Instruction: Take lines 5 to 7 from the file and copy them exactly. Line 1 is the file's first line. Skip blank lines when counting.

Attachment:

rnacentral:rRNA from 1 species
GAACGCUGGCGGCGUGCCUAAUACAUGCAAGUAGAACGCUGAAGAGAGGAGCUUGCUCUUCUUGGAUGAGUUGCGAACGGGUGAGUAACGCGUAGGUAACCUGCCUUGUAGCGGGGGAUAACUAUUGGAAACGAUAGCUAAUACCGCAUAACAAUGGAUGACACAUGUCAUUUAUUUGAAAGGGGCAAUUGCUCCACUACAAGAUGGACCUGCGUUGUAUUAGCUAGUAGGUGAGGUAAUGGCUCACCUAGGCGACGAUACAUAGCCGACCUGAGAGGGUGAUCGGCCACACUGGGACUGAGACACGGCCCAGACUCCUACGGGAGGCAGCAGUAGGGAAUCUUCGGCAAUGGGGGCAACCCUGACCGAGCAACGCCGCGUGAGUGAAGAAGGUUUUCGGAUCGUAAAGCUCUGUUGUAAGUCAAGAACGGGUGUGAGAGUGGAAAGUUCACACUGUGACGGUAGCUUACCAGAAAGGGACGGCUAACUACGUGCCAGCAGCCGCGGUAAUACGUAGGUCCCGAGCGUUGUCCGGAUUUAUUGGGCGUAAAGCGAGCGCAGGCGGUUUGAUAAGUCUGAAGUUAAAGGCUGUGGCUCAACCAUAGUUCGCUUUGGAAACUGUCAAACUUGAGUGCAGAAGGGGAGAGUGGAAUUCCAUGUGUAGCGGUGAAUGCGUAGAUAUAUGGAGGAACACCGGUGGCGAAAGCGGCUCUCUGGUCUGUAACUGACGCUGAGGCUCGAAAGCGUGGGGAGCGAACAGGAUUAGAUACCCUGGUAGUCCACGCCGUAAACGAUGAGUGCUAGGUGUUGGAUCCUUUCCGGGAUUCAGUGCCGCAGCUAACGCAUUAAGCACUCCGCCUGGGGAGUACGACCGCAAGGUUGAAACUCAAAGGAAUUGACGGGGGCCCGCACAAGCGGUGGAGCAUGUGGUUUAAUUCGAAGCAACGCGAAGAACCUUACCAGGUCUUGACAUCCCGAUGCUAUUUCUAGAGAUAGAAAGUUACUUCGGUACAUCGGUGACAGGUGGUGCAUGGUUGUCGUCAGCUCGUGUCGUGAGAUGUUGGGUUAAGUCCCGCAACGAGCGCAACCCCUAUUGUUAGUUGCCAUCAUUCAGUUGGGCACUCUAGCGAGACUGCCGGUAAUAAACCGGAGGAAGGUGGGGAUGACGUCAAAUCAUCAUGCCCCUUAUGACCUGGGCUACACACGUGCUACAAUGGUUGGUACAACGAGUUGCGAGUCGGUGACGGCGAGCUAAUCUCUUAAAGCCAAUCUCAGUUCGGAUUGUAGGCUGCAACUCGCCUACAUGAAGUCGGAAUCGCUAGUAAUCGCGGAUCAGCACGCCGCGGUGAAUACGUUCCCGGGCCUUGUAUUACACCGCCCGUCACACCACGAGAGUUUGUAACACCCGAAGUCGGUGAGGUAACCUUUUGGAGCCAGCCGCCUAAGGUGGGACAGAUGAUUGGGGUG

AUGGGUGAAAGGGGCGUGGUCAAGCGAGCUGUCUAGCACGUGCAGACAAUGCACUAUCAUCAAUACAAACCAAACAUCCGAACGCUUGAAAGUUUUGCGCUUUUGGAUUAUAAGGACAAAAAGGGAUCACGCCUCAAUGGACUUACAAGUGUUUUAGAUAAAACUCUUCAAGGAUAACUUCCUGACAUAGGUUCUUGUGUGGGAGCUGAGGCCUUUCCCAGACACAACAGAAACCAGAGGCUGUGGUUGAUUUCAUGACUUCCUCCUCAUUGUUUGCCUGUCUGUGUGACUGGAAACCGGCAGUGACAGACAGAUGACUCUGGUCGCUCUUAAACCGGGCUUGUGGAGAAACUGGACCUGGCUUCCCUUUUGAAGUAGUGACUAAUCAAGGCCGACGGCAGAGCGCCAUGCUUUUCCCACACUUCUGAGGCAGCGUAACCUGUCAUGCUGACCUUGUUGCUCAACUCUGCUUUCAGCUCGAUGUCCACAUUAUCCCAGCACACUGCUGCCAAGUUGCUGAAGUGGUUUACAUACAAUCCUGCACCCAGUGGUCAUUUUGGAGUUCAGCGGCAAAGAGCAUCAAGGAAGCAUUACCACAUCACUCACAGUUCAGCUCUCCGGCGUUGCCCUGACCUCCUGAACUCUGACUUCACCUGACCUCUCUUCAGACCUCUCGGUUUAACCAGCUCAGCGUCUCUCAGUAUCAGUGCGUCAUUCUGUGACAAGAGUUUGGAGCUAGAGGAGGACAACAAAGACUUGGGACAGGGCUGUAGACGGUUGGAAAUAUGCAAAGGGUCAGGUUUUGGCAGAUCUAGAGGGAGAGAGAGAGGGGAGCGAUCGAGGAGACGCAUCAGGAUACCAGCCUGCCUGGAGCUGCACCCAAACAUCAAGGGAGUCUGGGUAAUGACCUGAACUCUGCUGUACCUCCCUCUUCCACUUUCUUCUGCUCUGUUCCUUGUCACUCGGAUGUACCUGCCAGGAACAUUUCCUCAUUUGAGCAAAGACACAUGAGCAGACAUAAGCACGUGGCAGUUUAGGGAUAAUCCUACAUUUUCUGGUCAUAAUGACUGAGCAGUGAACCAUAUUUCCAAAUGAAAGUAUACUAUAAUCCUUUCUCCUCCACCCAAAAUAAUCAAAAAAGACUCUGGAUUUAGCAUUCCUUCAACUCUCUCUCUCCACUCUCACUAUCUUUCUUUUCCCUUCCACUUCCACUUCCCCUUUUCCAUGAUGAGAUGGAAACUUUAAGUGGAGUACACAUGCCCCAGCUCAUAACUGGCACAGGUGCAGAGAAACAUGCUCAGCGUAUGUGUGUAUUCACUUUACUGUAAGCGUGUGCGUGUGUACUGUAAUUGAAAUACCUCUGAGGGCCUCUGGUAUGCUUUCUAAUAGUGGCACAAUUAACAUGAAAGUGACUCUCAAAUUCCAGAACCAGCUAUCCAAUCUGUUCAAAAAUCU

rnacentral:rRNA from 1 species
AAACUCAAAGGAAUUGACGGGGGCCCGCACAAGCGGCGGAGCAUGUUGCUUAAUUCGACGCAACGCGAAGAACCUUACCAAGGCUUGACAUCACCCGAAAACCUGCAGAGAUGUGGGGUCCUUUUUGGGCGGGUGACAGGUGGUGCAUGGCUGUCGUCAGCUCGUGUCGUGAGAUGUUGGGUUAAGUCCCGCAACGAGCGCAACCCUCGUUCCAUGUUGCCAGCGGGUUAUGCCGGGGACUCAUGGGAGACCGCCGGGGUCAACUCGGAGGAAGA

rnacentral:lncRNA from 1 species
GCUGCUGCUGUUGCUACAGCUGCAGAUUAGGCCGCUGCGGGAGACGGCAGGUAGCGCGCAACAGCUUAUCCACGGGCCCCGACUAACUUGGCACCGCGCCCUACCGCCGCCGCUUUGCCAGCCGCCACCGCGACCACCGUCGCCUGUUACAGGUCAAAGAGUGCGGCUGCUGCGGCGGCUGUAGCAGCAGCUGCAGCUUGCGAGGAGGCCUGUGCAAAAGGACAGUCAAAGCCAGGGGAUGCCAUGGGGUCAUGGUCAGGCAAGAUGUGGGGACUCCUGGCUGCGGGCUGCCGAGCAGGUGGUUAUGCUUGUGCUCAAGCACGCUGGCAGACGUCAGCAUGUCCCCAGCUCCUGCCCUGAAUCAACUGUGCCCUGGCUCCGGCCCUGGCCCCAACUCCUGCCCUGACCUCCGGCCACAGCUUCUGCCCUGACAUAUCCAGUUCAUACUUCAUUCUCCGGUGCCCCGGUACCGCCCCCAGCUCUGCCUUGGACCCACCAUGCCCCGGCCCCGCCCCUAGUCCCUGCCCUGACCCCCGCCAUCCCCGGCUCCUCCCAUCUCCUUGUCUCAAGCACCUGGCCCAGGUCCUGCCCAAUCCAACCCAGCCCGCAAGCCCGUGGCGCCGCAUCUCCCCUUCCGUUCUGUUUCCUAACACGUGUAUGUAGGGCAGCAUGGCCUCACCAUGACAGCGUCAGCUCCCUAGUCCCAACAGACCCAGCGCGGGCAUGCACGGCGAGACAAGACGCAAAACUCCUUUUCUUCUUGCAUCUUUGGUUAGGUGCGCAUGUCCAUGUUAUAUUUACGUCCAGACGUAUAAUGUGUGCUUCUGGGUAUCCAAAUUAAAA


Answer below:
AAACUCAAAGGAAUUGACGGGGGCCCGCACAAGCGGCGGAGCAUGUUGCUUAAUUCGACGCAACGCGAAGAACCUUACCAAGGCUUGACAUCACCCGAAAACCUGCAGAGAUGUGGGGUCCUUUUUGGGCGGGUGACAGGUGGUGCAUGGCUGUCGUCAGCUCGUGUCGUGAGAUGUUGGGUUAAGUCCCGCAACGAGCGCAACCCUCGUUCCAUGUUGCCAGCGGGUUAUGCCGGGGACUCAUGGGAGACCGCCGGGGUCAACUCGGAGGAAGA

rnacentral:lncRNA from 1 species
GCUGCUGCUGUUGCUACAGCUGCAGAUUAGGCCGCUGCGGGAGACGGCAGGUAGCGCGCAACAGCUUAUCCACGGGCCCCGACUAACUUGGCACCGCGCCCUACCGCCGCCGCUUUGCCAGCCGCCACCGCGACCACCGUCGCCUGUUACAGGUCAAAGAGUGCGGCUGCUGCGGCGGCUGUAGCAGCAGCUGCAGCUUGCGAGGAGGCCUGUGCAAAAGGACAGUCAAAGCCAGGGGAUGCCAUGGGGUCAUGGUCAGGCAAGAUGUGGGGACUCCUGGCUGCGGGCUGCCGAGCAGGUGGUUAUGCUUGUGCUCAAGCACGCUGGCAGACGUCAGCAUGUCCCCAGCUCCUGCCCUGAAUCAACUGUGCCCUGGCUCCGGCCCUGGCCCCAACUCCUGCCCUGACCUCCGGCCACAGCUUCUGCCCUGACAUAUCCAGUUCAUACUUCAUUCUCCGGUGCCCCGGUACCGCCCCCAGCUCUGCCUUGGACCCACCAUGCCCCGGCCCCGCCCCUAGUCCCUGCCCUGACCCCCGCCAUCCCCGGCUCCUCCCAUCUCCUUGUCUCAAGCACCUGGCCCAGGUCCUGCCCAAUCCAACCCAGCCCGCAAGCCCGUGGCGCCGCAUCUCCCCUUCCGUUCUGUUUCCUAACACGUGUAUGUAGGGCAGCAUGGCCUCACCAUGACAGCGUCAGCUCCCUAGUCCCAACAGACCCAGCGCGGGCAUGCACGGCGAGACAAGACGCAAAACUCCUUUUCUUCUUGCAUCUUUGGUUAGGUGCGCAUGUCCAUGUUAUAUUUACGUCCAGACGUAUAAUGUGUGCUUCUGGGUAUCCAAAUUAAAA